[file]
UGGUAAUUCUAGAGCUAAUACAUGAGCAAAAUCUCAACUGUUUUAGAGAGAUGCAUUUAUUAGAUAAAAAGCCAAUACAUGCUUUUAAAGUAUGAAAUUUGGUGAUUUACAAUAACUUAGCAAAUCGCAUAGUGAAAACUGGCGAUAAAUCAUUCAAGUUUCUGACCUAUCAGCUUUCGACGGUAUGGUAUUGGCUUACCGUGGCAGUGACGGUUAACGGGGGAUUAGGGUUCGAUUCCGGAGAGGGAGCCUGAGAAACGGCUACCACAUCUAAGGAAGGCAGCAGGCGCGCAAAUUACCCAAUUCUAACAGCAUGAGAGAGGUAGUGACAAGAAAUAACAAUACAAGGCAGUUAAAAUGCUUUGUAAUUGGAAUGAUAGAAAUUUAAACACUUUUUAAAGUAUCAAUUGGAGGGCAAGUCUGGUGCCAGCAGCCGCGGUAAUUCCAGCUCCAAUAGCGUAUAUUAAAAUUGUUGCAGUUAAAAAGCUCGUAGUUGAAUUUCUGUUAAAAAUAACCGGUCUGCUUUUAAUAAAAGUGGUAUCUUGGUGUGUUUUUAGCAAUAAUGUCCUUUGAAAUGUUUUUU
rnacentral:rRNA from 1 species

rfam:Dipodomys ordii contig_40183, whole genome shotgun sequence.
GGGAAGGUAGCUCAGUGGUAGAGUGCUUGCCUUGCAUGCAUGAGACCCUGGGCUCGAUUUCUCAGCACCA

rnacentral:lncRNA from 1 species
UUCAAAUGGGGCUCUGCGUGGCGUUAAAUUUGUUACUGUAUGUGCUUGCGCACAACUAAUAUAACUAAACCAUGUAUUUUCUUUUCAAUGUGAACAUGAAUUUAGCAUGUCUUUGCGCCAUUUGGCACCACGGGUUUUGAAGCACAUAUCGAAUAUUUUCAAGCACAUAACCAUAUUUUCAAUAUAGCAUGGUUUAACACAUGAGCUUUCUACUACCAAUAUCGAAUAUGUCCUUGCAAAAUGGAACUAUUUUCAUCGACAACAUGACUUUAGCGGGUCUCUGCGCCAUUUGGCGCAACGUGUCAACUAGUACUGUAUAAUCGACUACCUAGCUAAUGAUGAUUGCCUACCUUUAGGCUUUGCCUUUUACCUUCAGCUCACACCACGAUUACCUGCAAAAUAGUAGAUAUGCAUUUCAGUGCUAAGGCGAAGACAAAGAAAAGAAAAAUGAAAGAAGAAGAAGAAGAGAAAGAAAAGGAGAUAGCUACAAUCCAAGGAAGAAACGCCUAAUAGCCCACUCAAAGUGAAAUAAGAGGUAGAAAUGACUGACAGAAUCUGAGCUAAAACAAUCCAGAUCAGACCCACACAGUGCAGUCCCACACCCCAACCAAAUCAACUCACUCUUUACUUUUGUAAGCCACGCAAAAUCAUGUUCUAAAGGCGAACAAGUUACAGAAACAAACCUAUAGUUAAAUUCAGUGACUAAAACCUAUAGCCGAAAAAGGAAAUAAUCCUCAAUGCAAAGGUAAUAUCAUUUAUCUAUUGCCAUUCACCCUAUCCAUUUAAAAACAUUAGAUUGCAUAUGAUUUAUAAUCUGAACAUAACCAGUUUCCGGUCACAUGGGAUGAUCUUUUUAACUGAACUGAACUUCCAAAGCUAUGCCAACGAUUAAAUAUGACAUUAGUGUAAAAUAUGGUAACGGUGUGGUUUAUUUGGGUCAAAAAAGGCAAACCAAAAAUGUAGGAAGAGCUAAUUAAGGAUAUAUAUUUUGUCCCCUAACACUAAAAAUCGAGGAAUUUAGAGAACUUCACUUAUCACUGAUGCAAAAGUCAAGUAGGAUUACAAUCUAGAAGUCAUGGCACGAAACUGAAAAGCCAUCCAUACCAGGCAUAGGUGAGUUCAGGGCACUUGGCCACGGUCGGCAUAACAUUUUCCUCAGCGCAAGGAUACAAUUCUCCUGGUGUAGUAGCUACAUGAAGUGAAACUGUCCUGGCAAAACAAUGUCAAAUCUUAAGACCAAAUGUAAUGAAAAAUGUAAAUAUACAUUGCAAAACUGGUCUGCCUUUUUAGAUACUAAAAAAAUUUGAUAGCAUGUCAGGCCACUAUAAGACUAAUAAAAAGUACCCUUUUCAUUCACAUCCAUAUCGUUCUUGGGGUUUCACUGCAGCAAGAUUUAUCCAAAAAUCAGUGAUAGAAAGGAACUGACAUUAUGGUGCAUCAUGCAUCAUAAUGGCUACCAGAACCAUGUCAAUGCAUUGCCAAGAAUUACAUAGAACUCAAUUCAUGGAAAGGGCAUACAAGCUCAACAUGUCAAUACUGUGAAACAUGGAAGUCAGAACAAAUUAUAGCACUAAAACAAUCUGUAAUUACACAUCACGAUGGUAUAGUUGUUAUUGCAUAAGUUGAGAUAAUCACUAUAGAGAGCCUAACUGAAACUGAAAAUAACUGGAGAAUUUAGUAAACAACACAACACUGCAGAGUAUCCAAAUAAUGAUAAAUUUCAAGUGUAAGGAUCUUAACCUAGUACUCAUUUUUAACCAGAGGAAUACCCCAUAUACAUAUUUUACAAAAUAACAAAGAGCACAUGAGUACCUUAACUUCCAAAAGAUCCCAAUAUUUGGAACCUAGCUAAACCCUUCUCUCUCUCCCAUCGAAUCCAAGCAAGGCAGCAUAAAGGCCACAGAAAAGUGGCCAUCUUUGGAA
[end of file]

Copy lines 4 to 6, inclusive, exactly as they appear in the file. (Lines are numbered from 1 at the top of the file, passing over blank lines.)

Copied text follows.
GGGAAGGUAGCUCAGUGGUAGAGUGCUUGCCUUGCAUGCAUGAGACCCUGGGCUCGAUUUCUCAGCACCA

rnacentral:lncRNA from 1 species
UUCAAAUGGGGCUCUGCGUGGCGUUAAAUUUGUUACUGUAUGUGCUUGCGCACAACUAAUAUAACUAAACCAUGUAUUUUCUUUUCAAUGUGAACAUGAAUUUAGCAUGUCUUUGCGCCAUUUGGCACCACGGGUUUUGAAGCACAUAUCGAAUAUUUUCAAGCACAUAACCAUAUUUUCAAUAUAGCAUGGUUUAACACAUGAGCUUUCUACUACCAAUAUCGAAUAUGUCCUUGCAAAAUGGAACUAUUUUCAUCGACAACAUGACUUUAGCGGGUCUCUGCGCCAUUUGGCGCAACGUGUCAACUAGUACUGUAUAAUCGACUACCUAGCUAAUGAUGAUUGCCUACCUUUAGGCUUUGCCUUUUACCUUCAGCUCACACCACGAUUACCUGCAAAAUAGUAGAUAUGCAUUUCAGUGCUAAGGCGAAGACAAAGAAAAGAAAAAUGAAAGAAGAAGAAGAAGAGAAAGAAAAGGAGAUAGCUACAAUCCAAGGAAGAAACGCCUAAUAGCCCACUCAAAGUGAAAUAAGAGGUAGAAAUGACUGACAGAAUCUGAGCUAAAACAAUCCAGAUCAGACCCACACAGUGCAGUCCCACACCCCAACCAAAUCAACUCACUCUUUACUUUUGUAAGCCACGCAAAAUCAUGUUCUAAAGGCGAACAAGUUACAGAAACAAACCUAUAGUUAAAUUCAGUGACUAAAACCUAUAGCCGAAAAAGGAAAUAAUCCUCAAUGCAAAGGUAAUAUCAUUUAUCUAUUGCCAUUCACCCUAUCCAUUUAAAAACAUUAGAUUGCAUAUGAUUUAUAAUCUGAACAUAACCAGUUUCCGGUCACAUGGGAUGAUCUUUUUAACUGAACUGAACUUCCAAAGCUAUGCCAACGAUUAAAUAUGACAUUAGUGUAAAAUAUGGUAACGGUGUGGUUUAUUUGGGUCAAAAAAGGCAAACCAAAAAUGUAGGAAGAGCUAAUUAAGGAUAUAUAUUUUGUCCCCUAACACUAAAAAUCGAGGAAUUUAGAGAACUUCACUUAUCACUGAUGCAAAAGUCAAGUAGGAUUACAAUCUAGAAGUCAUGGCACGAAACUGAAAAGCCAUCCAUACCAGGCAUAGGUGAGUUCAGGGCACUUGGCCACGGUCGGCAUAACAUUUUCCUCAGCGCAAGGAUACAAUUCUCCUGGUGUAGUAGCUACAUGAAGUGAAACUGUCCUGGCAAAACAAUGUCAAAUCUUAAGACCAAAUGUAAUGAAAAAUGUAAAUAUACAUUGCAAAACUGGUCUGCCUUUUUAGAUACUAAAAAAAUUUGAUAGCAUGUCAGGCCACUAUAAGACUAAUAAAAAGUACCCUUUUCAUUCACAUCCAUAUCGUUCUUGGGGUUUCACUGCAGCAAGAUUUAUCCAAAAAUCAGUGAUAGAAAGGAACUGACAUUAUGGUGCAUCAUGCAUCAUAAUGGCUACCAGAACCAUGUCAAUGCAUUGCCAAGAAUUACAUAGAACUCAAUUCAUGGAAAGGGCAUACAAGCUCAACAUGUCAAUACUGUGAAACAUGGAAGUCAGAACAAAUUAUAGCACUAAAACAAUCUGUAAUUACACAUCACGAUGGUAUAGUUGUUAUUGCAUAAGUUGAGAUAAUCACUAUAGAGAGCCUAACUGAAACUGAAAAUAACUGGAGAAUUUAGUAAACAACACAACACUGCAGAGUAUCCAAAUAAUGAUAAAUUUCAAGUGUAAGGAUCUUAACCUAGUACUCAUUUUUAACCAGAGGAAUACCCCAUAUACAUAUUUUACAAAAUAACAAAGAGCACAUGAGUACCUUAACUUCCAAAAGAUCCCAAUAUUUGGAACCUAGCUAAACCCUUCUCUCUCUCCCAUCGAAUCCAAGCAAGGCAGCAUAAAGGCCACAGAAAAGUGGCCAUCUUUGGAA